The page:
Following K2 Intelligence’s headline sponsorship of the 14th Annual International Bar Association’s Anti-Corruption Conference at the OECD in Paris, we wanted to highlight three key bribery and corruption issues for companies and their legal advisors to be aware of that were outlined at the conference by the head of the Serious Fraud Office (SFO), David Green CB QC.
Deferred Prosecution Agreements and Self-Reporting
More than six months have now passed since the SFO made its first application for a Deferred Prosecution Agreement (DPA) following its investigation of Standard Bank. The DPA—which allows a prosecution to be suspended for a period of time subject to the defendant meeting certain specified conditions—was approved by Lord Justice Leveson and was considered by Mr. Green to be made “in the interests of justice.”
At the conference, Mr. Green made it clear that the SFO will only consider applying for a DPA in cases in which such an outcome would serve the interests of justice, which would include the self-reporting of identified issues.
Therefore, companies must report bribery and corruption issues as they are uncovered, and agree to unconditionally co-operate with the agency and its inquiries if they expect to be considered for a DPA.
Co-operation, Negotiation Tactics, and Uncertainty
The expectation of unconditional co-operation with inquiries was re-iterated by Mr. Green, as it has been in several other public appearances by the SFO, as being a prerequisite of any potential future DPA.
However, he also warned those charged with representation of companies to adapt their “litigator” position when dealing with the SFO, reminding the audience that the agency is not in the business of negotiation.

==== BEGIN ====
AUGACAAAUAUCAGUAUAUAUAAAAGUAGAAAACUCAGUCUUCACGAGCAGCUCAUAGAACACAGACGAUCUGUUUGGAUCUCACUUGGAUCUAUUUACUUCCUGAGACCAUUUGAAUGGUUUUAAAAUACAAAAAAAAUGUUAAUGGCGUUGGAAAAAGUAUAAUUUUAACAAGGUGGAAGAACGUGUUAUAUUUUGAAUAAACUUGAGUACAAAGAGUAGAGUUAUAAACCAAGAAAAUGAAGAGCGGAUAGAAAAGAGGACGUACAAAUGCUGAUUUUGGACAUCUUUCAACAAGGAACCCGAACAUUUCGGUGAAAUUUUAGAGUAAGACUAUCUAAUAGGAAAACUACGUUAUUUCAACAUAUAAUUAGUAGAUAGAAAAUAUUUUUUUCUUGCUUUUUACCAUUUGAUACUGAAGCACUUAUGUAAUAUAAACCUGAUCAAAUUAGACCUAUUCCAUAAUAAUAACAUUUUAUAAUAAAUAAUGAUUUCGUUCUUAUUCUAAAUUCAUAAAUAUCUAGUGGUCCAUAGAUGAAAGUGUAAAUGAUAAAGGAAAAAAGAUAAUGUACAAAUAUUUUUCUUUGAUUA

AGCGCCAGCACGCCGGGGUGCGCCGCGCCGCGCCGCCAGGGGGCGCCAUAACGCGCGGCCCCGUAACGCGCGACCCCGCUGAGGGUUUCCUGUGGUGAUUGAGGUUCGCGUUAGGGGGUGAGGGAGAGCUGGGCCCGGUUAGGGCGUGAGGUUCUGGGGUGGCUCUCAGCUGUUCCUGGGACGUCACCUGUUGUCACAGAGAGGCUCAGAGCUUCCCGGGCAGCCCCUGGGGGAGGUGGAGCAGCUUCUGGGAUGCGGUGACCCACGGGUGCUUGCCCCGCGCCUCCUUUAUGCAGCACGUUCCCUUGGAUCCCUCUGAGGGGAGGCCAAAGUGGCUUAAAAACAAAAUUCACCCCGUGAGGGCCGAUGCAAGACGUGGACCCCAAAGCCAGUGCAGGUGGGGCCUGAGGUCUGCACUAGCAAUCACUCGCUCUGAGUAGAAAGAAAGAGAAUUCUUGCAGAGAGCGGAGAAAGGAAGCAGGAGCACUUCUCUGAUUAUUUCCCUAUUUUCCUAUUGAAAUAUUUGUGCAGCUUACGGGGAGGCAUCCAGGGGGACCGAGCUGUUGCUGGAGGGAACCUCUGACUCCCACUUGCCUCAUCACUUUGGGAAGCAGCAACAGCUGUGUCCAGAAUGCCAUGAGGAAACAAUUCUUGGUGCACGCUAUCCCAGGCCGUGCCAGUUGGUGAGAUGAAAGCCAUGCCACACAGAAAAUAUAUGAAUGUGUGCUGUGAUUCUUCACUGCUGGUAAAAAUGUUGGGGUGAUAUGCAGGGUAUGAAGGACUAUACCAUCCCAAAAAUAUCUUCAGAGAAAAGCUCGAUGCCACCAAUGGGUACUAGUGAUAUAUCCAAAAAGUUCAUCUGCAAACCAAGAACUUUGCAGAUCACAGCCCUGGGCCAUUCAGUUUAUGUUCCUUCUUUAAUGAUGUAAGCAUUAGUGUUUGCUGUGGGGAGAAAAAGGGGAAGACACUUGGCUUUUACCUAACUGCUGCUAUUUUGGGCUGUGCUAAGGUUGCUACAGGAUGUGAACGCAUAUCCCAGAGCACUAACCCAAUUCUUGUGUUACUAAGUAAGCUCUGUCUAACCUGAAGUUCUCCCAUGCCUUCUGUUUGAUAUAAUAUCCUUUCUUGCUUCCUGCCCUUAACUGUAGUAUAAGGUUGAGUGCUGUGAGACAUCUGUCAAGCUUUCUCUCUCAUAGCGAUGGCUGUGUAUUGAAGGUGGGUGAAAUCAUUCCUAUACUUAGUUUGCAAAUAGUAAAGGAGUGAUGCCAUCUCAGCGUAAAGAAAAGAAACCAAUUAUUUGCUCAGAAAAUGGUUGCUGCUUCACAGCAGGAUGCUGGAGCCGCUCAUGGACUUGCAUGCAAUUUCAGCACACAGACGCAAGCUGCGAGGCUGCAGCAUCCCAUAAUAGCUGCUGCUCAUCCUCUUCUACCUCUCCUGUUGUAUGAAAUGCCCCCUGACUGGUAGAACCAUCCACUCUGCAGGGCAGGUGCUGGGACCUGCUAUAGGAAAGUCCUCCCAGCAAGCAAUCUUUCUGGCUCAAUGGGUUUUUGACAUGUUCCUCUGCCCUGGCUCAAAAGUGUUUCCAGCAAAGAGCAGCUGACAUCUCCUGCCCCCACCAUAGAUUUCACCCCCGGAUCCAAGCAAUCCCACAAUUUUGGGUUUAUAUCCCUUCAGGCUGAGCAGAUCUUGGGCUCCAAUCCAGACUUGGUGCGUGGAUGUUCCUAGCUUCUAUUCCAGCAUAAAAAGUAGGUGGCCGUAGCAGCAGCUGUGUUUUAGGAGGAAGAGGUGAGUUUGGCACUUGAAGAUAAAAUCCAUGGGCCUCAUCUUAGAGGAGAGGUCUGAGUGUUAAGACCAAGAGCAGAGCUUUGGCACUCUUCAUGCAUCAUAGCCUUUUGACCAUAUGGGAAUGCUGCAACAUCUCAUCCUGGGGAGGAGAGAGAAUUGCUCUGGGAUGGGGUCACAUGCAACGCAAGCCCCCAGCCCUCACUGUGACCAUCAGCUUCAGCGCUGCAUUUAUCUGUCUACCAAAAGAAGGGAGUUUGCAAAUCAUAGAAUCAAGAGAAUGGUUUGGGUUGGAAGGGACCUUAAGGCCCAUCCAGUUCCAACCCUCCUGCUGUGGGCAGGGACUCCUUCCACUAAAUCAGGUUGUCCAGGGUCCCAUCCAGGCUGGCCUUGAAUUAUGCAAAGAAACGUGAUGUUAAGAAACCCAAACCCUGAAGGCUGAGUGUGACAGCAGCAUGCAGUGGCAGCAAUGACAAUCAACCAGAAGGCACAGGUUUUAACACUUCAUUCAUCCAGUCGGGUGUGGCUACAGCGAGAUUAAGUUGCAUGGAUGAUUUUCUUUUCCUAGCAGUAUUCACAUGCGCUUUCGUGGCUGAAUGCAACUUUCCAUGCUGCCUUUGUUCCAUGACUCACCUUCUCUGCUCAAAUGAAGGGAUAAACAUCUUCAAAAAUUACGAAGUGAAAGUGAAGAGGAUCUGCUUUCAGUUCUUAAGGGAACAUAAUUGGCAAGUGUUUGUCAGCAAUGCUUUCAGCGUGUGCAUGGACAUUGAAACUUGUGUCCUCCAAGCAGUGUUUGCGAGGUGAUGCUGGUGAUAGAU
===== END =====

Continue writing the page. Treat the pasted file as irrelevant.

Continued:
Mr. Green also chastised those professional advisors expecting to obtain certainty for their clients in such circumstances by comparing the uncertainty faced by companies under investigation for wrongdoing to that faced by an individual under investigation for burglary.
Even if a company is to offer full, unfettered access to people and data, and engages in a meaningful way with the SFO, there are no guarantees that a DPA will be offered to the company.
Corporate Criminal Liability
Corporate criminal liability also fell under the microscope of Mr. Green, who shared his frustration at what he called the “ludicrous” conflict between obtaining justice against corporate malfeasance and the identification principle whereby it must be demonstrated that the controlling mind of the corporate entity was complicit in the illegal acts.
This conflict, he argued, was more “painful” for smaller companies, where the controlling mind can be more easily identified, than for larger companies, citing the example of Tom Hayes and UBS. Hayes, a former employee of UBS, was found guilty for LIBOR rigging, while UBS has not faced criminal charges in the UK.
To solve the issue, and avoid the need to identify the controlling mind of a company, Mr. Green proposed that a new corporate offence of failing to prevent fraud and economic crime be introduced.
Such an offence would require companies to ensure that robust economic crime prevention and detection policies and procedures were not only in place, but were demonstrably followed by employees.